2009
Approximately 11,000 terrorist attacks occurred in 83 countries during 2009, resulting in over 58,000 victims, including nearly 15,000 fatalities.

Furthermore, ISIS isn’t America’s Hamas. First, around 2,495 Israelis have been killed by terrorist attacks since 1948 according to Israel National News. Hamas has blown up busses and cafes, targeted innocent lives, and engaged in a number of other crimes against humanity, but the PLO, Hezbollah, and other terror groups were also responsible for the death toll. Also, 19 Americans (including the Boston Bombing) died in 2013 while 17,800 died and 32,500 were injured around the world. Terrorism is a global issue, but it affects others more than it does American citizens; over 100,000 human beings in foreign countries, in the past five years, who were not American died from terror groups.

  1. Iraqis have their own military, as do the Kurds and other enemies of ISIS.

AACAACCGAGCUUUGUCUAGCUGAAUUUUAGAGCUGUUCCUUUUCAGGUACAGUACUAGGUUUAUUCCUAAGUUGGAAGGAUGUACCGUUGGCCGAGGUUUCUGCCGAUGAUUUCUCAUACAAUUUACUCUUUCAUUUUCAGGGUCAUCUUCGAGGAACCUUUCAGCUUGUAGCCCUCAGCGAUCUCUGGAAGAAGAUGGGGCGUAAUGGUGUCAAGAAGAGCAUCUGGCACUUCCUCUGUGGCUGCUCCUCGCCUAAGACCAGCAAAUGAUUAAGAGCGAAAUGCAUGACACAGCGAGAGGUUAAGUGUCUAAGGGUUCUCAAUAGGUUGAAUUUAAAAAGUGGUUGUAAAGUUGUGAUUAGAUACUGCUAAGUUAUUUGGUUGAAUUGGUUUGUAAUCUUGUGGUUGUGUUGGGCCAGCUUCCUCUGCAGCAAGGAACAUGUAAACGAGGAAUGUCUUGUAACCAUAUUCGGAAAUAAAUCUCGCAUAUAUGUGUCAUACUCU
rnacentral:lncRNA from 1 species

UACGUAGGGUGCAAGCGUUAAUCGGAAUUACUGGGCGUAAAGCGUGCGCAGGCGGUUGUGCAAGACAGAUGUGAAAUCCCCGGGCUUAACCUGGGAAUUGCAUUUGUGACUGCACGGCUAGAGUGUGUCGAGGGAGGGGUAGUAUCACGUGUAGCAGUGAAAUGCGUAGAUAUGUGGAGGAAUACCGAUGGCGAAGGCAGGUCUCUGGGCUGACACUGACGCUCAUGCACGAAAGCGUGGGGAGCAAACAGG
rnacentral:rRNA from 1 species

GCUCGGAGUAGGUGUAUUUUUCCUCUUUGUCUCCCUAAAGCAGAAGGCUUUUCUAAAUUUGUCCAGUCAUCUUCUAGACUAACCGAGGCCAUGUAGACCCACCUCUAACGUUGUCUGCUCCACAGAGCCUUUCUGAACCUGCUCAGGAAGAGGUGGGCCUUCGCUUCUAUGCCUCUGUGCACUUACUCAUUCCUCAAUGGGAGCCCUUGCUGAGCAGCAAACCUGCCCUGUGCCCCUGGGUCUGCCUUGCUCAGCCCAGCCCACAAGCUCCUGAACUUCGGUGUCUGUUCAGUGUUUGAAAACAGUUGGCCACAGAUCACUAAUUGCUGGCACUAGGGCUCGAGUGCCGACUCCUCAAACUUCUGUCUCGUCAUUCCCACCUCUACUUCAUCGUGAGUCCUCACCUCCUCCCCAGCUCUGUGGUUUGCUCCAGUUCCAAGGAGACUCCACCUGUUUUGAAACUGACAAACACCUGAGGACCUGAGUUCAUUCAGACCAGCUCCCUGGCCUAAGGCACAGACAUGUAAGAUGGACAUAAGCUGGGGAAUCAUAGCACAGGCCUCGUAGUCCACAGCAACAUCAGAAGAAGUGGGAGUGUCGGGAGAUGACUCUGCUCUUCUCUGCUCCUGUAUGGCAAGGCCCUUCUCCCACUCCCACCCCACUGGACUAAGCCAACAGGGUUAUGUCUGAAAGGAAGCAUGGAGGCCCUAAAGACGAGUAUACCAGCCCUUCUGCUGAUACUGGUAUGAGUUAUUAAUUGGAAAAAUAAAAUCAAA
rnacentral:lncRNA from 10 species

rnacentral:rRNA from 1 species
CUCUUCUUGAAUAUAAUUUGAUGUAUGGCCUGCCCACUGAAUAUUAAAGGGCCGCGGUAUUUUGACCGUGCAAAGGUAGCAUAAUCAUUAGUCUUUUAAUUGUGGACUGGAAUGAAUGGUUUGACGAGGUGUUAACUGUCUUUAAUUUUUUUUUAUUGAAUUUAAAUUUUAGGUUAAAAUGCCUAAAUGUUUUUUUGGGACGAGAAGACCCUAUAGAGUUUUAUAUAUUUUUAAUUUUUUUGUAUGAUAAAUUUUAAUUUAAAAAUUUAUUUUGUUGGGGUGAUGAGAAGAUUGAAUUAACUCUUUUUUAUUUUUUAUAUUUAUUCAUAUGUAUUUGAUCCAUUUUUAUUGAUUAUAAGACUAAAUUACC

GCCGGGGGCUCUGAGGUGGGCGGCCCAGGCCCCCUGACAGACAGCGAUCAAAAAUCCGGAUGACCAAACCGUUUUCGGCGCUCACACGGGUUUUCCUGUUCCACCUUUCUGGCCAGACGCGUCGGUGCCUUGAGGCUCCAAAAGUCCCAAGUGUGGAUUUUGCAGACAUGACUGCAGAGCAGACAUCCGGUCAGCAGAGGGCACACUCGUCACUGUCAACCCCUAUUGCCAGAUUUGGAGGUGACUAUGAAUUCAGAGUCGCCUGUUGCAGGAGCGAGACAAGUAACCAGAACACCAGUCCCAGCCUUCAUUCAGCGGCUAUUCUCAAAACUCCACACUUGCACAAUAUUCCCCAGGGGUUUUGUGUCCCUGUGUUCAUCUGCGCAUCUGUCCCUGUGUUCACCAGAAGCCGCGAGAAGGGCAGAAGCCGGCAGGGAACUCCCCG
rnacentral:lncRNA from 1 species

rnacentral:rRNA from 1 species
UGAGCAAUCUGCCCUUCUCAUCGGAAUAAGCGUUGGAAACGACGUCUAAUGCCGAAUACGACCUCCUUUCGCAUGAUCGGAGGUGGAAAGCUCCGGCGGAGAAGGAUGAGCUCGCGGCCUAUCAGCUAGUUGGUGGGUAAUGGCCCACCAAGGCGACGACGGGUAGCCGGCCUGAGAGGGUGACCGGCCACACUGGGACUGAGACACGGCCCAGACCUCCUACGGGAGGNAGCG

According to the Guardian, Iraqis (in aggregate) have far more troops and military capacity than ISIS:

After Iraq’s armed forces were disbanded following the fall of Saddam Hussein in 2003, the United States and its allies committed more than $25bn to training and building a new military. With more than 250,000 frontline troops (not counting paramilitary police units), on paper at least the Iraqi military should be effective. It is equipped with almost 400 tanks including US M1A1s and Russian T- series tanks including the T-72. It also has more than 2,500 armoured fighting vehicles and 278 aircraft, including drones, transport aircraft, amphibious aircraft and 129 helicopters.

… Although some 35,000 Kurdish peshmerga are incorporated into the Iraqi security forces, other peshmerga remain outside with published estimates varying from 80,000 to three times that number. Two years ago a Kurdish official suggested the peshmerga numbered 190,000. Increasingly well equipped – including with 2,000 armoured vehicles and rocket artillery systems – they are regarded as motivated, well trained and experienced.